• The Place: The game is named after the fortress the game is set in.
  • Planet Looters: The reason Tommynaut and Beak Beak travel to Spiro 5, the planet containing Armikrog, in the first place is to retrieve a material called P-tonium, which is essential for the survival of Tommynaut's race.
  • Posthumous Character: P's father, Tvark. He appears as a ghost projected through his statues and gives Tommynaut advice on how to solve puzzles. He was murdered by Vognaut before the events of the game.
  • Sapient Ship: Tvark briefly transferred his soul into the ship he and his family were traveling on in an act of desperation, temporary transforming himself into this.
  • Sealed Good in a Can: P's mother, Meva. She used a machine to transfer her soul into Armikrog, the fortress, itself. She can never become human again because Vognaut destroyed the machine.
  • Science Fantasy: The game has astronauts, laser guns, alien planets, aliens, magic, ghosts and a magical artifact called the "heart of the mountain" that allows one to transfer one's soul into anything, all in one game.
  • Shout-Out: The game contains several subtle nods to The Neverhood besides the obvious expies and reused mechanics. For example, pay attention to the dagger that Vognaut is shown wielding in one of the Octovators' backstory video, or to the sound effect used when Meva brings Beak Beak's spirit back to Tommynaut at the end of the game.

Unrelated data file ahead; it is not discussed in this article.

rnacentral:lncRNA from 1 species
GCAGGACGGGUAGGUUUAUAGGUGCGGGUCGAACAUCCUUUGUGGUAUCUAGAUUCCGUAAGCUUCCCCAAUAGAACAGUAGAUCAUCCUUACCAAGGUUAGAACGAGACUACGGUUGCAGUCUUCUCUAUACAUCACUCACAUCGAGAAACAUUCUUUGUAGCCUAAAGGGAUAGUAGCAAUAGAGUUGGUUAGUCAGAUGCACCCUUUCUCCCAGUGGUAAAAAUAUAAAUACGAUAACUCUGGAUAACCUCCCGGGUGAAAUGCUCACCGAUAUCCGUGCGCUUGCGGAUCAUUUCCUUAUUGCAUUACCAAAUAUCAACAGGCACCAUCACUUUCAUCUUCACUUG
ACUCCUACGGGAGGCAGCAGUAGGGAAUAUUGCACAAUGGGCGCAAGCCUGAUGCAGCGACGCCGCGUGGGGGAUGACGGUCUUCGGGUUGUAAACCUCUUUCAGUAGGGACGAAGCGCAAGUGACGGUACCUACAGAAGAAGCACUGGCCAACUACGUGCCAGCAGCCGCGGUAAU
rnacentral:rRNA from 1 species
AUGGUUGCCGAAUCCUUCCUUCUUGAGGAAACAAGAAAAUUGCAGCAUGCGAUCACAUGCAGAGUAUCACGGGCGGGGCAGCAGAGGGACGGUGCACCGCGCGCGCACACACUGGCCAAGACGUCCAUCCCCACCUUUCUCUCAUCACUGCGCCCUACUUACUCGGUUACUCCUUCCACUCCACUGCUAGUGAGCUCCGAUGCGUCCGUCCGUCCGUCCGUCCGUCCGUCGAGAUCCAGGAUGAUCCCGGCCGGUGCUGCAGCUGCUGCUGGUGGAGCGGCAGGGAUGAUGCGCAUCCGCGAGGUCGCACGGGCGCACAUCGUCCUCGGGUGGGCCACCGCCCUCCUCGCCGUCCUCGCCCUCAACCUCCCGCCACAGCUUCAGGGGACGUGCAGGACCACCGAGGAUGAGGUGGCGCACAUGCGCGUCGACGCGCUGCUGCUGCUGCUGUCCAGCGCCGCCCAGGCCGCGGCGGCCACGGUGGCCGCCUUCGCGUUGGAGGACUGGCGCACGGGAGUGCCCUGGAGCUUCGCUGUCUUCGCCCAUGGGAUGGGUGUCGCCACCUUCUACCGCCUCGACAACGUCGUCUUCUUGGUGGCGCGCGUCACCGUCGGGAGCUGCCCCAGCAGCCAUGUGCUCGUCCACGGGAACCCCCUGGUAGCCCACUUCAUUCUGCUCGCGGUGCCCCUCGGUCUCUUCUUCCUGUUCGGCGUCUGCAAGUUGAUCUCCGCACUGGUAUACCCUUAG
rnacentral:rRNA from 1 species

• Starfish Aliens: One fuzzy predatory creature has four eyes and a tongue with its own pair of eyes that can wind up on a wheel-like structure in its mouth. It hunts eyeless beaked creatures that move around on single wheels.
  • Stomach of Holding:
    • Like Klaymen, Tommynaut stores items inside himself. He goes even further by apparently being able to do this with living creatures.
    • Beak Beak fetches items that are out of Tommynaut's reach by swallowing them and coughing them back up once he is close to his partner.
  • Teamwork Puzzle Game: A number of puzzles involve having Beak Beak sit on top of a switch, enabling Tommynaut to pass through a locked area. Beak Beak's ability to fit through small passages and his unusual vision and later - his wings also play an important role.
  • Unusually Uninteresting Sight: Tommynaut's first reaction when he sees his thought-to-be-dead brother Vognaut, now horribly mutated by his greed?
    Tommynaut: You look funny.
  • Villain Ball: Tommynaut goes to Armikrog to obtain P-tonium, and, by extension, P, the baby who creates it when she laughs. So is Vognaut. What makes Vog evil and Tommy good? He decides the best way to get the freely-offered material is to forcefully extract it from P, killing her. The game mentions him being greedy, but's largely an Informed Attribute, since every major character of the story is after the same thing anyway, and there's no real reason he can't indulge his 'greed' while keeping P alive and well - like Tommynaut does.
  • Would Hurt a Child: Vognaut has no qualms about draining P's energy, despite the fact that she's a baby, and the process would kill her.